By researching previous crash disputes deliberated in West Virginia civil courts, insurers can see how judges ruled in similar situations. These past verdicts often provide direction or precedence when deciding current fault disagreements.

Vehicle Code and Traffic Laws

Insurers review the state’s vehicle, traffic, and insurance regulations to help determine if any driver violated established safety or operation rules. These statutory breaches can heavily influence fault assessments.

Drivers Must File a Claim with an At-Fault Insurer

If you get hurt in a West Virginia collision and don’t cause over 50% of the harm, you can file an injury liability claim against the at-fault driver’s insurance. However, successfully recovering damages hinges on properly completing some key steps.

The process typically involves:

  • Reporting your damages and medical needs to the insurer quickly.
  • Supplying all required claim paperwork like accident details, medical reports, and wage loss forms.
  • Responding promptly to any questions or document requests from the adjuster.
  • Negotiating reasonable settlement offers for your documented losses.

Without air-tight, evidence-backed demand packages, insurers often deny maximum payouts. It then gets tough to dispute their fault determination ruling.

Even if you supply impeccable paperwork, the insurer may still balk at paying fair damages because they disagree on proportional fault. When complete denials or lowball offers happen, contacting a personal injury attorney becomes necessary.

Our Car Accident Attorneys Can Help You Maximize Compensation

While complex, accurately assigning fault in a car accident doesn’t need to be intimidating or frustrating. An experienced local personal injury law firm can make the process much smoother.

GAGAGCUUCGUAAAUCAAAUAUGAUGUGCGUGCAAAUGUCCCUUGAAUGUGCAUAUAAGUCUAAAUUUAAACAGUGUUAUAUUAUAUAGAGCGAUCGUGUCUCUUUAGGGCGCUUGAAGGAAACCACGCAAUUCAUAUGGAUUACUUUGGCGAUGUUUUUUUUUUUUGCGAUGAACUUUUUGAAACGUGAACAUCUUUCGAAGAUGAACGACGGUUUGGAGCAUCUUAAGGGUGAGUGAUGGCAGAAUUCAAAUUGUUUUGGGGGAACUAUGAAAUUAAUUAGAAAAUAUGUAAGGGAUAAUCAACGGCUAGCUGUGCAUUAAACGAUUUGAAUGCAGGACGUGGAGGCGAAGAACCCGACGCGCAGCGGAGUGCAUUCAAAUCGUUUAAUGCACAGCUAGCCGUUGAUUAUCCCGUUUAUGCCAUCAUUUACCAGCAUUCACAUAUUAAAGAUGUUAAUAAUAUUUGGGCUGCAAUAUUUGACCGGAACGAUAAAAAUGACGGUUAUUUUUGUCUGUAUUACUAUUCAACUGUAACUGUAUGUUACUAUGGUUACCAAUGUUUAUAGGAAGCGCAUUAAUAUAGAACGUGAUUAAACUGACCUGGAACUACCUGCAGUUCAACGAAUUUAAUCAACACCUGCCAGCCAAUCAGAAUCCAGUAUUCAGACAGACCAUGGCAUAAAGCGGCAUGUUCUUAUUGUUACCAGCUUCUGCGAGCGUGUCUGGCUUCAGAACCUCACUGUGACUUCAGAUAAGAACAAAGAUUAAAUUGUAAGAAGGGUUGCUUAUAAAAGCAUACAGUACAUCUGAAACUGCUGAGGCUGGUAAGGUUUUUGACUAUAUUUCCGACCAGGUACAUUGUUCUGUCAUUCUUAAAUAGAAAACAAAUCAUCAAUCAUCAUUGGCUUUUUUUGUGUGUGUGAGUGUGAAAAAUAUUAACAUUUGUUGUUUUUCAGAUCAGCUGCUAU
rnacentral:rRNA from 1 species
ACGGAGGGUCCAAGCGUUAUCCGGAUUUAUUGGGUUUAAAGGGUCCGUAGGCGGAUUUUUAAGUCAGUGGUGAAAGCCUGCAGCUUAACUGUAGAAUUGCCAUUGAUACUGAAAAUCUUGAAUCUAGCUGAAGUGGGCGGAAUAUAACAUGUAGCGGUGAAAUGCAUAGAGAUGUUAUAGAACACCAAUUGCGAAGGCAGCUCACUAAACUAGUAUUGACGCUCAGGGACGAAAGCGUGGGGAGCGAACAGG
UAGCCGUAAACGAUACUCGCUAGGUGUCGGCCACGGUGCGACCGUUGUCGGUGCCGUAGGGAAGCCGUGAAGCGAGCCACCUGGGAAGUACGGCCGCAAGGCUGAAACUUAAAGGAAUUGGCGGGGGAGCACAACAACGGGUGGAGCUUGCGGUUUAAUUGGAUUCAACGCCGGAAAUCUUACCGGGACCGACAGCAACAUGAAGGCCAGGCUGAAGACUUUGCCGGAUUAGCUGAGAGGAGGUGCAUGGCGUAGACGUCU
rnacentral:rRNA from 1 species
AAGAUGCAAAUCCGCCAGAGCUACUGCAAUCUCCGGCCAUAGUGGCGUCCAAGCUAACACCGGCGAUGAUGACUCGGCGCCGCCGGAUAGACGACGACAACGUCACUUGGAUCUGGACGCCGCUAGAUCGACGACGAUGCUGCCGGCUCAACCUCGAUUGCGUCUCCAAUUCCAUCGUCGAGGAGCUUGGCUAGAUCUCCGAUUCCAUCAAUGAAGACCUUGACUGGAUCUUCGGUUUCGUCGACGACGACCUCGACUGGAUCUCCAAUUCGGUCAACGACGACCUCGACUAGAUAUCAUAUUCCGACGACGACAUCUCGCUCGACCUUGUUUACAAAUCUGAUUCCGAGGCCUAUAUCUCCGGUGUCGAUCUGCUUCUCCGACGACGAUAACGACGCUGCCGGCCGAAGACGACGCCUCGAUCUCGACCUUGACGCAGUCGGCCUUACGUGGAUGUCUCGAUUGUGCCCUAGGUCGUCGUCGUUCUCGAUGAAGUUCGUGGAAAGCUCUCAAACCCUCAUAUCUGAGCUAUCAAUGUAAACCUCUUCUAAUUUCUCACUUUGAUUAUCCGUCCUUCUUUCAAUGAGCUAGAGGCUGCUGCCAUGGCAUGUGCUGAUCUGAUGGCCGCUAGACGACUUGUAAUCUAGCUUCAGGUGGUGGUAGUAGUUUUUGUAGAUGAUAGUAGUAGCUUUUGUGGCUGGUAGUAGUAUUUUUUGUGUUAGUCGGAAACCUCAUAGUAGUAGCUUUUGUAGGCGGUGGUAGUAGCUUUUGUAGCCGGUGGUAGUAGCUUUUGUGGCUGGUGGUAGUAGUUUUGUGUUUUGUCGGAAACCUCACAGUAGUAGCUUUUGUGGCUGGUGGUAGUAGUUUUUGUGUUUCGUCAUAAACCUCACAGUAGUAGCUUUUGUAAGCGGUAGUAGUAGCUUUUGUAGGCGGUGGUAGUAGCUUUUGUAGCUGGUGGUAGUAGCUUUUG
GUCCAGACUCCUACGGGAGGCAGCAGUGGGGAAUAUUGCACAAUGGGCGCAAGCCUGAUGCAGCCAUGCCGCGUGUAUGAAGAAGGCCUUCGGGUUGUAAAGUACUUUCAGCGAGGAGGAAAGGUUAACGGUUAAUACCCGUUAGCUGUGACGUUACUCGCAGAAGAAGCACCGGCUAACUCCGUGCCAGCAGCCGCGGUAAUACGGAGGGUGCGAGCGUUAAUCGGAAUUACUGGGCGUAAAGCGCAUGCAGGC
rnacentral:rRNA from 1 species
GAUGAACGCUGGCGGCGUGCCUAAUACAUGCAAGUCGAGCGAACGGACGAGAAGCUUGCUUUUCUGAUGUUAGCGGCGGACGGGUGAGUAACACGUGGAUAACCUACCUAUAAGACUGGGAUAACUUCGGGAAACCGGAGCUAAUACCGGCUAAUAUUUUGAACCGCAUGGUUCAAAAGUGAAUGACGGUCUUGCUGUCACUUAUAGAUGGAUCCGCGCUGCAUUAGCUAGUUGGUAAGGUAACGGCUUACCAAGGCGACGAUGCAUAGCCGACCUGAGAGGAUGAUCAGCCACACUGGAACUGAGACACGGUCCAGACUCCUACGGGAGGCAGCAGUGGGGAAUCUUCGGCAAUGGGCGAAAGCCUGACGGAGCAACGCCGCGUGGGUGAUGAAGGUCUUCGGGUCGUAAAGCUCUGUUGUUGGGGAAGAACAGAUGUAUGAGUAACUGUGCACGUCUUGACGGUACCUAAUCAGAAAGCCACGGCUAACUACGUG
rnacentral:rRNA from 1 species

Rather than battling insurance denial or delays yourself, your attorney handles issues like:

  • Challenging unfair fault determinations by insurers.
  • Consulting accident reconstruction specialists to prove who was at fault in the accident.
  • Skillfully negotiating for fair medical and financial damage payouts.

With an attorney fighting for proper fault adjustments and compensation, you can focus on healing from your injuries. If necessary, seasoned litigators fearlessly take insurers to court over disputed liability and settlement rulings.

Don’t wait to call an attorney after an insurance company denies responsibility- the statute of limitations rules limit how long victims have to act against insurers.

Contact Miley Legal for a free case evaluation and legal plan. With compassion and tenacity, we fight for the justice and damages you rightly deserve.

Author Bio

Tim Miley is the Founder of Miley Legal Accident Injury Lawyers, a West Virginia personal injury law firm he formed in 2006. With more than 30 years of experience in personal injury law, he is dedicated to representing clients in a wide range of personal injury cases, including car accidents, trucking accidents, motorcycle accidents, brain injuries, wrongful death, and other personal injury matters.

Tim received his Juris Doctor from Duquesne University and is a member of the West Virginia State Bar and the Harrison County Bar Association. He has helped his clients win more than $10 million in personal injury verdicts and settlements and has further served the people of West Virginia by filling legislative roles in the state’s government since 2004.